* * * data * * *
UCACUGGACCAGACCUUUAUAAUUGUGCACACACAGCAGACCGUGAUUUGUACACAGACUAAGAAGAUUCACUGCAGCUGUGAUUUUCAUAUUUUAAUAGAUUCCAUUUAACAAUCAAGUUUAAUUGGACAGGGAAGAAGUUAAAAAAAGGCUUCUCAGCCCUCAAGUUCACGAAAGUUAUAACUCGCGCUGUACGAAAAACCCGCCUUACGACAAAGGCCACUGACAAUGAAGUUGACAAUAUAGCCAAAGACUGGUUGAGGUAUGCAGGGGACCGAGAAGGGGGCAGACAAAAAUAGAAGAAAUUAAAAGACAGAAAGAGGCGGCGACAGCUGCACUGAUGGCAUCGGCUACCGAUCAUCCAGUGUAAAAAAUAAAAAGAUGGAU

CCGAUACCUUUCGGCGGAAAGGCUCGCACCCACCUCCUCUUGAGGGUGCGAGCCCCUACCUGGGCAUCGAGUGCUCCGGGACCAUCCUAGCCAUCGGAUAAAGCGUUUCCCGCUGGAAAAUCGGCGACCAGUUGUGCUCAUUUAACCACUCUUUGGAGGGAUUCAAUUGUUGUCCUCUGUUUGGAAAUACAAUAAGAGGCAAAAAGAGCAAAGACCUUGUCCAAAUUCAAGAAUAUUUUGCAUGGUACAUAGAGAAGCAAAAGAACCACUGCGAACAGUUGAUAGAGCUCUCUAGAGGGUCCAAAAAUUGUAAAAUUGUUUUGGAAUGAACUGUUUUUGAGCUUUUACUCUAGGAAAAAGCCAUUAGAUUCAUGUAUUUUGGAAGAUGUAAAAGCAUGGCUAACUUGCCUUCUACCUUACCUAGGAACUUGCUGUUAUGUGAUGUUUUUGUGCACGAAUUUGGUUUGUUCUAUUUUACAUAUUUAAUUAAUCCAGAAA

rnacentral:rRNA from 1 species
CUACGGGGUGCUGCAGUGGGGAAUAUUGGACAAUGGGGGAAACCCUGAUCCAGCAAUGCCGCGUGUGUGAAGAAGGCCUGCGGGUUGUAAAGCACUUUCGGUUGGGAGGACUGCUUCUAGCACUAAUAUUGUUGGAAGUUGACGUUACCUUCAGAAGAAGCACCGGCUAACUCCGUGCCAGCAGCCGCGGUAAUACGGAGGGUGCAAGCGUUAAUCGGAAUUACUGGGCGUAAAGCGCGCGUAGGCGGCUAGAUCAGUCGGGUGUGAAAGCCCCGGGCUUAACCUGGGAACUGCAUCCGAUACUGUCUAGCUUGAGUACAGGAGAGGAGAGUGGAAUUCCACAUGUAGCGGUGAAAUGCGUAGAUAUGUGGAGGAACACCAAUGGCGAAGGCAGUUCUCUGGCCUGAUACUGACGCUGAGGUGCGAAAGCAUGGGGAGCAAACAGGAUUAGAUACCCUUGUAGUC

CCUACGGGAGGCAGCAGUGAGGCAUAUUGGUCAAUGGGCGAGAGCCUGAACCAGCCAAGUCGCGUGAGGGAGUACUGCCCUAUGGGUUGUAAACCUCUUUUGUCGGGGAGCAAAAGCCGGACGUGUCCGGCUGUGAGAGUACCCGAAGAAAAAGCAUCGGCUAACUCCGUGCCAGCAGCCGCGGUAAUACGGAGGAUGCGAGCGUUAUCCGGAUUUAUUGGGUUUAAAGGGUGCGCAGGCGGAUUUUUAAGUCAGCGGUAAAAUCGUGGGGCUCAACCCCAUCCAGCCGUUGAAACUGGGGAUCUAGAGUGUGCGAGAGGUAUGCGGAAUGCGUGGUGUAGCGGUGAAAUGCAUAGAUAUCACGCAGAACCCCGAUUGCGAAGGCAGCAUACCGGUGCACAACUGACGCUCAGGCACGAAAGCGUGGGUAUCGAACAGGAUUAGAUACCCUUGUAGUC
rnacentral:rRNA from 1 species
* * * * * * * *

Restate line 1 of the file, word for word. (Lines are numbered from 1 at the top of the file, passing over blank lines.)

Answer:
UCACUGGACCAGACCUUUAUAAUUGUGCACACACAGCAGACCGUGAUUUGUACACAGACUAAGAAGAUUCACUGCAGCUGUGAUUUUCAUAUUUUAAUAGAUUCCAUUUAACAAUCAAGUUUAAUUGGACAGGGAAGAAGUUAAAAAAAGGCUUCUCAGCCCUCAAGUUCACGAAAGUUAUAACUCGCGCUGUACGAAAAACCCGCCUUACGACAAAGGCCACUGACAAUGAAGUUGACAAUAUAGCCAAAGACUGGUUGAGGUAUGCAGGGGACCGAGAAGGGGGCAGACAAAAAUAGAAGAAAUUAAAAGACAGAAAGAGGCGGCGACAGCUGCACUGAUGGCAUCGGCUACCGAUCAUCCAGUGUAAAAAAUAAAAAGAUGGAU